By Mike Monahan

(Photo by Dominic Baima)

CHARLESTON — Mattoon senior Dakota Spencer was the only Green Wave to make the Illinois High School Association Class 2A state track and field meet Friday at O’Brien Field on the Campus of Eastern Illinois University. Spencer was in the discus, which was one of the last events to finish before the running events which were delayed three hours from 2 p.m. to 5 p.m. due to the extreme heat that saw heat index at 104 and even warmer on the track.

Spencer, was making his only trip to state and was the second thrower in flight two, as anyone that threw 142 feet and above was in that flight. Spencer had thrown 142 feet, 7 inches at the sectional meet at Tolono Unity.

His first throw appeared to be a good one, but we will never know how long it was due to an IHSA official who moved the marker (throws were measured electronically) before the distance was recorded and they could not mark it after that. 

“There is nothing we could do about that,” said Mattoon boys coach Jarad Kimbro. “We do what we can with what we have got. You have to control what you can control. He had no control over the missed management of the marking. Like I said to him, I would have asked to move him back in the flight to give him a chance to rest before he threw. But hindsight is 20-20, and so nothing we could do about it. I am not even sure I could do that. He is a competitor and he did everything in his power to make up for that first throw. You can’t do anymore than that. “

The positive Spencer didn’t put any blame on the officials at all. 

I would have liked to have it, but I had four other throws and I couldn’t make due,” said Spencer, “I couldn’t be mad at the officials when I couldn’t get a throw off myself. “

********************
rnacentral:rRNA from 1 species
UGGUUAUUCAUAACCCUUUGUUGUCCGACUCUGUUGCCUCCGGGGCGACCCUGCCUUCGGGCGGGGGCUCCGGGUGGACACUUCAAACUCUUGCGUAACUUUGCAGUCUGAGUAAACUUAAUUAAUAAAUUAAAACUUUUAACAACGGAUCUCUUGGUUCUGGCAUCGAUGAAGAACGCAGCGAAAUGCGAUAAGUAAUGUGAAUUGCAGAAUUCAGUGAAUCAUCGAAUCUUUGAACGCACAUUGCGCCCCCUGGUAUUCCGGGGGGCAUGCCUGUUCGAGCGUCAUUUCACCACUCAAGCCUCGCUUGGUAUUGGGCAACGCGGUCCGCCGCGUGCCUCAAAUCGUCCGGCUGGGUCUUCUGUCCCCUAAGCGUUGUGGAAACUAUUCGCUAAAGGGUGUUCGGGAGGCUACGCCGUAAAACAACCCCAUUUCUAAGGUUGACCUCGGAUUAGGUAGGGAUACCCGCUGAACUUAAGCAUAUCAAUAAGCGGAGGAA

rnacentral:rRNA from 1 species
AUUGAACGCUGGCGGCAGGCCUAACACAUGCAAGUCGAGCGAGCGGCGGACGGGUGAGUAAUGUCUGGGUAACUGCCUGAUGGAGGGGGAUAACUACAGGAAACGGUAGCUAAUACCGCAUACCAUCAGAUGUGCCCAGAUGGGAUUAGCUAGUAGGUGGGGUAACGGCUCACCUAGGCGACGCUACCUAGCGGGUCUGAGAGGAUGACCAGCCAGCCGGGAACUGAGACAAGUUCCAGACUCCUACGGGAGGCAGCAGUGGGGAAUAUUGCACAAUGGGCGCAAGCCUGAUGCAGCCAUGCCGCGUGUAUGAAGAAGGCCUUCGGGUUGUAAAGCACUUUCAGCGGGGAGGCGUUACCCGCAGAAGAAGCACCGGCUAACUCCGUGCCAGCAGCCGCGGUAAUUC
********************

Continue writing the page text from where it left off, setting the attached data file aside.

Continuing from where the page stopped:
His third throw was his best, going 38.56 meters, or 126 feet, 7 inches). His first throw, which was a redo due to the mismanagement of the IHSA, was a foul and his second throw was 37.18 meters and his last throw was 36.60.

In the other flight, I think three kids beat him,” said Kimbro “If you eliminate that mismanagement, who knows, because he comes in on a high and maybe he throws it out there. I think it was the right flight for him. You have to rise to the level of competition, which I think he did, but he didn’t get the mark.”

Spencer was glad he was in Flight Two although he said he didn’t think it would have mattered. “I was just happy to be with the guys that I really know and I watched some amazing talent.”

Mascoutah’s Barry Evans was the state champion with a throw of 176 feet, 8 inches.

Spencer and Kimbro were there at 9:45 a.m. Usually teams can practice on Thursday after the Class 1A is done, but this time the only time they could practice was in the morning.

“I practiced and got some work in on the new ring,” said Spencer, who had not thrown at EIU before. “I sat around in the shade and stayed cool. I went back to the school van in the air conditioning and drank water and just stayed hydrated. “

Said Kimbro: “Everything is new for him. So we got the disu checked in and tried to ease any of that anxiety and anxiousness. So he could focus on what he needed to do. The good thing for Dakot is that he is a positive person. He doesn’t let those things that he can’t control bother him too much because you can’t. You have to control what you can control.”

Spencer said of being the only athlete from Mattoon, “I would have really liked to have some of my buddies come, but the fact that I made it was good. Track is as much of an individual sport as team sport. The fact I was able to work hard and do what I could is something to be proud of.”

Despite not having his best day, Spencer was excited to have competed at state in what is his final track meet of his career as he will attend Lake Land College in the fall.

“It is a blast,” said Spencer. “I have worked hard and I have been working toward this moment since middle school and high school. I have been chasing some of my buddies older than me. It is an honor to be here.”

This was the first year there were no preliminaries for the first time as everyone competed on one day. Prior to Friday, Mattoon had seven earn a medal (top nine) from 2002-2019.

“We have had a fair share of discus throws here,” said Kimbro. “Despite final standing here, he has put the work in and he has done everything he can do to be the absolute best that he can be. He lifts, throws and records himself. We go over the tape. He does all of those things that you want a kid to do. He is the perfect example of a high school athlete. That is exactly what we want. He did the same thing for me in football.”